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How Exactly Did JPMorgan Pass a Fed Stress Test?

News of the investment bank's $2 billion loss through a poorly crafted hedging strategy sent a shockwave throughout the global marketplace, once again putting regulatory bodies under the spotlight.

The bombshell news that JPMorgan — the gold standard for risk management on Wall Street post-2008 — could lose $2 billion through an ill-conceived hedging strategy raises some alarming questions about the risks that still abound throughout the global financial system.

Unlike most of the pundits who'll use this to fuel the argument that the Volcker Rule is a necessary measure, a defiant Jamie Dimon contended on a conference call that although the strategy that caused this staggering loss was "flawed, complex, poorly executed and poorly monitored," it still would have been allowable under the Volcker Rule, which is slated to take effect July 21.

The bank's Chief Investment Office (CIO) is at the epicenter of Wall Street's latest crisis and is now paying dearly for the outsized positions taken by its London-based trader Bruno Iksil, who's also known by the unflattering nickname the 'London Whale.' One of Iksil's former colleagues told Reuters that JPMorgan's CIO desk doesn't do proprietary trading, but instead takes positions in the form of trades, credit default swaps, and other investments in order to rebalance the risks on the bank's balance sheet.

Meanwhile the bank is characterizing the doomed strategy that Iksil orchestrated as a hedging strategy gone bad. And media reports say that before all is said and done, the losses now weighing down JPMorgan's synthetic credit portfolio could actually rise by $1 billion. So much for the value of being hedged.

And for that matter, when exactly does a hedge actually become a wager? And have the regulators figured out how to answer that question?

According to Nicholas Dunbar, the author of the 2011 book " The Devil's Derivatives: The Untold Story of the Slick Traders and Hapless Regulators Who Almost Blew Up Wall Street ," this latest Wall Street saga is an example of how instruments that are supposed to help banks cover their losses, instead breed a level of false confidence. And rather than being mere hedging tools, they're actually a type of bet, albeit a complicated one.

"You can see this in JPMorgan's statement where they said this was a hedge and not a gamble. It was, but they convinced themselves it was a thing that was making them safer," Dunbar explains. "It's really a bet on something happening in the market, be it a default or a change in price of something."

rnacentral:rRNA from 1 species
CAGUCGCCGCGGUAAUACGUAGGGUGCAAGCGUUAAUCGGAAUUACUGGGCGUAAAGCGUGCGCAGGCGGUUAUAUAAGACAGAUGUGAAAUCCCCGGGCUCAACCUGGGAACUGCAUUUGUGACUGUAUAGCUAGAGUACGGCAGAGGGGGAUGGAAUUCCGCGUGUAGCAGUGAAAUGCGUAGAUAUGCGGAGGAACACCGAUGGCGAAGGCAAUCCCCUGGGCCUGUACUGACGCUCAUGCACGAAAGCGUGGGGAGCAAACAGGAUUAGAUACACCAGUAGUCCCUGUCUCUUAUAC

He says the problem with derivatives is that they convince banks that risk is being reduced, when in fact those instruments can actually do the opposite because it's never a perfect hedge. "The definition of what a hedge is, is so subjective that it ends up allowing people to mislead themselves or for banks to be misled," Dunbar explains.

At this point it's still unclear whether or not JPMorgan's use of credit default swaps were actually a hedge. But Dunbar is far from alone in the view that these were actually prop bets.

Looking ahead it remains to be seen whether this type of strategy will be permissible once regulators finally nail down how the Volcker Rule will function. Guidelines set by the Financial Stability Oversight Council under Dodd-Frank consider any position without a hedge to be proprietary trading. So how exactly are they going to regulate this? Following this news there almost certainly will be a populist cry for them to take a more restrictive stance on how prop trading is defined.

But their task is far from simple. Regulators will need some sort of mechanism to track a bank trader's book to make sure their positions are always hedged. Because I've been told on more than one occasion that there are ways for banks to covertly maneuver around the prop trading ban.

Nevertheless, the most alarming aspect of this episode is the simple fact that JPMorgan managed to pass the Federal Reserve's stress test in March despite having a ticking time bomb sitting on its balance sheet. This raises legitimate questions over whether the regulatory framework we put in place following the crisis will be effective enough to address the potential disasters that are still lurking throughout Wall Street.

Because if it can happen to Jamie Dimon, it can happen to anyone.

As the Senior Editor of Advanced Trading, Justin Grant plays a key role in steering the magazine's coverage of the latest issues affecting the buy-side trading community. Since joining Advanced Trading in 2010, Grant's news analysis has touched on everything from the latest ... View Full Bio

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